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Breastfeeding Moms Breastfeeding Moms

Teeth!

Posted by on Jan. 20, 2014 at 8:43 AM
  • 10 Replies
My baby is 9 months old and just cut her first tooth after what seemed like teething forever. She is still breastfed and does well with most solids at this point as well.

For a couple of weeks now, my nipple on the right breast has been extremely sore every timw she nurses. She nurses more often on thay side, not sure if that has anything to do with it. Anyway, i've been working with her on not biting but sometimes she still does it. I don't think it's always on purpose, sometimes I think it's for relief from her teething pain but the bottom line is it hurts, a lot!

I ended up weaning my oldest around this age for the same reason, I just couldn't take the pain anymore, but I really don't want to wean this time around.

Any suggestions as to what I can do to help with the pain ?
by on Jan. 20, 2014 at 8:43 AM
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Replies (1-10):
gumbeme06
by Sara on Jan. 20, 2014 at 8:45 AM
Watch for signs that she's not eating any more. If she's actively eating she won't be able to bite you. When she does bite put her down for 5 minutes then try again. She'll learn what actions mean no more nursing.
MommyO2-6631
by Leslie on Jan. 20, 2014 at 9:19 AM
The teething saliva can make your nipple raw so let breast milk air dry on your nipple and use lanolin. There's a page in the sticky section called "WHEN BABIES ATTACK!!" that will teach you a little about nursing manners. There's also a page on Kellymom.com that tells a few different ways to teach baby not to bite... even if it just means anticipating and unlatching before it can happen. If she is in pain, treat it 20-30 minutes before an anticipated nursing session.
KarenM42
by Bronze Member on Jan. 20, 2014 at 10:49 AM
I followed the advice in the sticky & it worked. It took a while but my baby rarely bites anymore. I didn't want to give up nursing because of biting. Be consistent every time she bites. She will learn that biting=no food.

Quoting MommyO2-6631: The teething saliva can make your nipple raw so let breast milk air dry on your nipple and use lanolin. There's a page in the sticky section called "WHEN BABIES ATTACK!!" that will teach you a little about nursing manners. There's also a page on Kellymom.com that tells a few different ways to teach baby not to bite... even if it just means anticipating and unlatching before it can happen. If she is in pain, treat it 20-30 minutes before an anticipated nursing session.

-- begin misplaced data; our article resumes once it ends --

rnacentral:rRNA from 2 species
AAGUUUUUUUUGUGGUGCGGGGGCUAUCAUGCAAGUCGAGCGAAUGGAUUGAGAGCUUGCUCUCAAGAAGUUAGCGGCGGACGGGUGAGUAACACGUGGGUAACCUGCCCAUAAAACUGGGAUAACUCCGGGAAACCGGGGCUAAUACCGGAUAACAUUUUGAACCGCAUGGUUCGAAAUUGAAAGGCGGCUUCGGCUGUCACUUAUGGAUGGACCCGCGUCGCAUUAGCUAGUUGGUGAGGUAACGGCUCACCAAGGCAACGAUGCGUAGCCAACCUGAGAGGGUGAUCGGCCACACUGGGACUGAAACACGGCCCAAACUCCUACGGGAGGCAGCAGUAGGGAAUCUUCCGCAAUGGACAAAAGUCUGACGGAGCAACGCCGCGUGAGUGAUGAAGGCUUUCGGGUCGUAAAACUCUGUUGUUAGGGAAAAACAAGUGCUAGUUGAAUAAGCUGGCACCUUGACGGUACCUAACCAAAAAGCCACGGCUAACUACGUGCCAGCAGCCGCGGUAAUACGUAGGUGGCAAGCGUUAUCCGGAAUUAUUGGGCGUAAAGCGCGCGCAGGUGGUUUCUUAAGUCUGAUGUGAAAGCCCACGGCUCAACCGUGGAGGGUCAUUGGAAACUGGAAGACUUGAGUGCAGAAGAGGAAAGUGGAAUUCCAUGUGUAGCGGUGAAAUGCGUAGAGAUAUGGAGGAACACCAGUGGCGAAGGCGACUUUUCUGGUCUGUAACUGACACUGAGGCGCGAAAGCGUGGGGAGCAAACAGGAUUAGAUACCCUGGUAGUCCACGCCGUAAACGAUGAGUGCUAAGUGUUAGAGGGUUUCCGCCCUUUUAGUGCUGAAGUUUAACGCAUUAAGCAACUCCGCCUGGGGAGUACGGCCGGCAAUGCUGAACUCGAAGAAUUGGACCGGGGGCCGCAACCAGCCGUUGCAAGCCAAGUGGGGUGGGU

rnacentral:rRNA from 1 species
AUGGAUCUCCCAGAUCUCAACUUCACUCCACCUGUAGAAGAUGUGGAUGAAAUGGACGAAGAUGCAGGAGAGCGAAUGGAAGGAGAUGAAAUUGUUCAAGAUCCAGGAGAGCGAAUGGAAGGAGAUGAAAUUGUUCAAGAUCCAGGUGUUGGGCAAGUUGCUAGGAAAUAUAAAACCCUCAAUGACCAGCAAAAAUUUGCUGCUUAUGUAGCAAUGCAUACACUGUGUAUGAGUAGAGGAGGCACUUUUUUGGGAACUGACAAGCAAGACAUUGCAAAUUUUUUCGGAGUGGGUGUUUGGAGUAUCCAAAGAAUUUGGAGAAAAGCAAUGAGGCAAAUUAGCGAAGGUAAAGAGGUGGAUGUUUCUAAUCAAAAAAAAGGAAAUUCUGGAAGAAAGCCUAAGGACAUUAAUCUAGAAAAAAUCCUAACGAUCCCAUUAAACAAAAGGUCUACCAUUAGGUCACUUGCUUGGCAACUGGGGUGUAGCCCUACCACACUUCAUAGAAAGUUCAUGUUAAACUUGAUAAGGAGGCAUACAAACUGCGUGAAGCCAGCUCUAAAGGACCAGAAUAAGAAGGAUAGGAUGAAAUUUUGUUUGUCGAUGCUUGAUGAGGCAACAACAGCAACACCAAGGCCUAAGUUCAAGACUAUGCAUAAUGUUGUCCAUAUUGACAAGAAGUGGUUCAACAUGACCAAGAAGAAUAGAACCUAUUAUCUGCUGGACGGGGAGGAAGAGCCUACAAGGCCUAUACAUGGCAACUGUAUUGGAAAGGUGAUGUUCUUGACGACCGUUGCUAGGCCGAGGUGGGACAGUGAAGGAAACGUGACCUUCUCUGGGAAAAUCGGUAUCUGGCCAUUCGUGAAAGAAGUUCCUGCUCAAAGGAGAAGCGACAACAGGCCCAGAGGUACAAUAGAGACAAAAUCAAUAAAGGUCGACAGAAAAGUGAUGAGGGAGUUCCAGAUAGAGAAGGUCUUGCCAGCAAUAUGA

maliya0608
by on Jan. 20, 2014 at 10:52 AM
Thanks! I will definitely check out the sticky post.
maliya0608
by on Jan. 20, 2014 at 10:54 AM
It usually hurts worse when she first starts to nurse and gets a little better with the longer shes nursing.

Quoting gumbeme06: Watch for signs that she's not eating any more. If she's actively eating she won't be able to bite you. When she does bite put her down for 5 minutes then try again. She'll learn what actions mean no more nursing.
thundersky
by Bronze Member on Jan. 20, 2014 at 1:39 PM

you could try origel on ther gums before she eats 

Junebaby18
by Nannerz on Jan. 20, 2014 at 4:08 PM
Quoting thundersky:

you could try origel on ther gums before she eatsĀ 


Orajel actually makes the gums harder and the teeth have a harder time going through. Also, unless its the all natural kind, it can hinder the breathing too.
aehanrahan
by Group Mod - Amy on Jan. 20, 2014 at 6:40 PM
Treat her teething pain before nursing. Watch for signs of the bite and take her off before she gets the chance. If you miss the signs and she does bite, take her off and set her down somewhere safe and walk away for a few minutes. Try not to react. Many babies like getting a reaction and continue biting for the reaction.
maliya0608
by on Jan. 20, 2014 at 9:00 PM
Yeah, I've noticed if I scream or even say ouch, she just laughs about it. I don't like using orajel and I'm not comfortable with using the teething tablets either. She does have a raw amber necklace and I let her bite on teething toys out of the freezer, as well as frozen fruit in those mesh feeding things. Do you ladies have any other suggestions that are more natural that I can try?

Quoting aehanrahan: Treat her teething pain before nursing. Watch for signs of the bite and take her off before she gets the chance. If you miss the signs and she does bite, take her off and set her down somewhere safe and walk away for a few minutes. Try not to react. Many babies like getting a reaction and continue biting for the reaction.
MusherMaggie
by Platinum Member on Jan. 20, 2014 at 10:05 PM
The teething tablets are very safe. I used them with.both of mine. I did occasionally use a baby aspirin when I knew they were not ill in any way.
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